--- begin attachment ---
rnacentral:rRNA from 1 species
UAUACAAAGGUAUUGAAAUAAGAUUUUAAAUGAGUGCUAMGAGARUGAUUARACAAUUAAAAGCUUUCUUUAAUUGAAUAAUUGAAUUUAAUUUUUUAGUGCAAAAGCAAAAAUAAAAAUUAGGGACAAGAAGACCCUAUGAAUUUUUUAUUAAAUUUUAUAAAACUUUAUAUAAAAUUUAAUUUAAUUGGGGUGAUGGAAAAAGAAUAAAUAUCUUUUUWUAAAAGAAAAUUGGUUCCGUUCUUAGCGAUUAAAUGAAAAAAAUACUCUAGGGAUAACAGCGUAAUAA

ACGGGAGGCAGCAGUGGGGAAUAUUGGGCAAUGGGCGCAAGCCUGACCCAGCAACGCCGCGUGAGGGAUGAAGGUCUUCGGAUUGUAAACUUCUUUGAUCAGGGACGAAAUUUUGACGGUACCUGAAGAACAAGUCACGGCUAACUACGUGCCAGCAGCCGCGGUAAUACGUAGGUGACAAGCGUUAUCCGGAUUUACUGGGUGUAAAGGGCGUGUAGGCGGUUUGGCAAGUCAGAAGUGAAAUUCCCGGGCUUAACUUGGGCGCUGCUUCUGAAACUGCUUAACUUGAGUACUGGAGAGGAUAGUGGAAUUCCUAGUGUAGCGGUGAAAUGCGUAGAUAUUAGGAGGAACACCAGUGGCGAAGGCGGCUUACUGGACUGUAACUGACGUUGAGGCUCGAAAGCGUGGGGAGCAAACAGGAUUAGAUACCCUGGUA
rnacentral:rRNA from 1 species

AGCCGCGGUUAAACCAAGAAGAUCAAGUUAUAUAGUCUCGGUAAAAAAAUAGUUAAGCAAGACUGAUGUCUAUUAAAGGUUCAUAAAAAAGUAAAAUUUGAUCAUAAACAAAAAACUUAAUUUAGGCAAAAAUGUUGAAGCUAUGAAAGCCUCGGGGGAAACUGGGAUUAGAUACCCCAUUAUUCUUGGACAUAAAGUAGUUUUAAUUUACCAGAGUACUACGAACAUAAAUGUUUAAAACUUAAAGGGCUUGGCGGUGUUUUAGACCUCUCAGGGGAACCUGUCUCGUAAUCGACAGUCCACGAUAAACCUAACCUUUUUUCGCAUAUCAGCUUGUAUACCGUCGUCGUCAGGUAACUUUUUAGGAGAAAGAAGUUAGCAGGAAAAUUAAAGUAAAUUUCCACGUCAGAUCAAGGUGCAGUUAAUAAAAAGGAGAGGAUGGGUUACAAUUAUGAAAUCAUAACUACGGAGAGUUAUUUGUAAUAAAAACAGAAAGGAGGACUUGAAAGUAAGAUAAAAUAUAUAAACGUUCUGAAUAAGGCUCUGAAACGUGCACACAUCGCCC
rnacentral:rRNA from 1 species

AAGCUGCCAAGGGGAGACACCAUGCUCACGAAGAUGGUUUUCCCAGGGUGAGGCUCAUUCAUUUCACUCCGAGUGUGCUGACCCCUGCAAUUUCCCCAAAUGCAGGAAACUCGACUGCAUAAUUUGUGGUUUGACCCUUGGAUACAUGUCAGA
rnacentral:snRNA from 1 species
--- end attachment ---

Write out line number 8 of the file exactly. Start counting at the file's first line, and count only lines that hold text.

rnacentral:snRNA from 1 species